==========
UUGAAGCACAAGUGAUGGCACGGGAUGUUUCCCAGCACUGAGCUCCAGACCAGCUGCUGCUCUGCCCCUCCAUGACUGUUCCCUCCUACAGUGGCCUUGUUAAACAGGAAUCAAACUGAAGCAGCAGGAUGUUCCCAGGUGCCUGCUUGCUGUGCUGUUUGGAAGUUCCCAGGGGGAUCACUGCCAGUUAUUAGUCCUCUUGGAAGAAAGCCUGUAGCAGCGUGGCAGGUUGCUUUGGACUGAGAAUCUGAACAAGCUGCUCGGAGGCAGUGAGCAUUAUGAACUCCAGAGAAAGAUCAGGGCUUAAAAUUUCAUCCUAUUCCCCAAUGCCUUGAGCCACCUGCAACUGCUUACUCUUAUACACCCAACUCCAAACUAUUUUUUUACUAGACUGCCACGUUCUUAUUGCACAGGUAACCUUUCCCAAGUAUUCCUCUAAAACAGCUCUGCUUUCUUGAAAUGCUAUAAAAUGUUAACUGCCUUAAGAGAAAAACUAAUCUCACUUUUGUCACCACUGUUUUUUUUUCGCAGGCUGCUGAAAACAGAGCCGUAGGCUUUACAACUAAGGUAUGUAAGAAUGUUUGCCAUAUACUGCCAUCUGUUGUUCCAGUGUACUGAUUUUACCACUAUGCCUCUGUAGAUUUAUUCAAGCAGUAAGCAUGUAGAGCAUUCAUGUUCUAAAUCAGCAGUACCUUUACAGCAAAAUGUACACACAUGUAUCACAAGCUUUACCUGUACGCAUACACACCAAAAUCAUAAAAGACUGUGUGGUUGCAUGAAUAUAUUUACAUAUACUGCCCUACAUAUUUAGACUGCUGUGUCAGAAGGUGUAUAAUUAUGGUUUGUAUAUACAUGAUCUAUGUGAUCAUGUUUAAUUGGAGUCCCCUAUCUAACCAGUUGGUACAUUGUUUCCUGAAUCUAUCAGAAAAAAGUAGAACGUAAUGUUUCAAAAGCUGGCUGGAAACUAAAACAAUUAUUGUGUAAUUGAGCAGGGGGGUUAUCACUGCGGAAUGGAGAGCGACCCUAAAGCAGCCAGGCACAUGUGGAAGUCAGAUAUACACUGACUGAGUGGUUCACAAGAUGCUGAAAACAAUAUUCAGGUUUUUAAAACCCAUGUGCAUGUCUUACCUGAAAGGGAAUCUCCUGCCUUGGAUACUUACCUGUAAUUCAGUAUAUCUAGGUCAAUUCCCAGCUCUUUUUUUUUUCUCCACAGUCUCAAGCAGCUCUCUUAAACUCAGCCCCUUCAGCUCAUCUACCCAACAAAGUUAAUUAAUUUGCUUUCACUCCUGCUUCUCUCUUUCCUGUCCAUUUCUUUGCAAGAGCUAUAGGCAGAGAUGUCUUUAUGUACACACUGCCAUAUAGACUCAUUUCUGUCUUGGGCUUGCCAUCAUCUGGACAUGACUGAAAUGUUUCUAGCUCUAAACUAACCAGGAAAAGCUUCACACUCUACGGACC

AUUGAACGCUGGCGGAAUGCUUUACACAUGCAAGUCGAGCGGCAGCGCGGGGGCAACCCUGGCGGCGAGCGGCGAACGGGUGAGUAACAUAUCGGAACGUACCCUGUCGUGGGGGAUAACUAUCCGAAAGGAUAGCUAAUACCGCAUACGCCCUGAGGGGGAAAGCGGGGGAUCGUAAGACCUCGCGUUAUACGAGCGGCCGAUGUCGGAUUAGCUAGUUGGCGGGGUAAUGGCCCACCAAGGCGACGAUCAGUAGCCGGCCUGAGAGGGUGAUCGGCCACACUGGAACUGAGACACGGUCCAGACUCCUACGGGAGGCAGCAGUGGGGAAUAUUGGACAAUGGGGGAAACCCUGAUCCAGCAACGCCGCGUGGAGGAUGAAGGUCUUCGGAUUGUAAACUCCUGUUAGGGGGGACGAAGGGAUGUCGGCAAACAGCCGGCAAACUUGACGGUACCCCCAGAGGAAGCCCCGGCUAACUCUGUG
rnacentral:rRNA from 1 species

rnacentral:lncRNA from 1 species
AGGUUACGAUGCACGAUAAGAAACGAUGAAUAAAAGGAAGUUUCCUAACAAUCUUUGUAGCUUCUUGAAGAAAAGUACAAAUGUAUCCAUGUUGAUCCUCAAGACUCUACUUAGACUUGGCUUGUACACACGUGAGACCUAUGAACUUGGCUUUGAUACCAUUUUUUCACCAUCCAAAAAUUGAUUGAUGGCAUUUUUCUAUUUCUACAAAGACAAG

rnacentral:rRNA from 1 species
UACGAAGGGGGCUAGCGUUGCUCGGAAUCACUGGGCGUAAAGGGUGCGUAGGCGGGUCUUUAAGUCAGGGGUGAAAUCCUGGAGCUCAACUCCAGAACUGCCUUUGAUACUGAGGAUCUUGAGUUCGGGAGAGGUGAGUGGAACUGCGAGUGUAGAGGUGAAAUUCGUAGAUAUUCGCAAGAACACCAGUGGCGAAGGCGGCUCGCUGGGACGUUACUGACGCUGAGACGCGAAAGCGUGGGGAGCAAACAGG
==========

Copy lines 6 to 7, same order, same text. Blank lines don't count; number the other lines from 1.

rnacentral:rRNA from 1 species
UACGAAGGGGGCUAGCGUUGCUCGGAAUCACUGGGCGUAAAGGGUGCGUAGGCGGGUCUUUAAGUCAGGGGUGAAAUCCUGGAGCUCAACUCCAGAACUGCCUUUGAUACUGAGGAUCUUGAGUUCGGGAGAGGUGAGUGGAACUGCGAGUGUAGAGGUGAAAUUCGUAGAUAUUCGCAAGAACACCAGUGGCGAAGGCGGCUCGCUGGGACGUUACUGACGCUGAGACGCGAAAGCGUGGGGAGCAAACAGG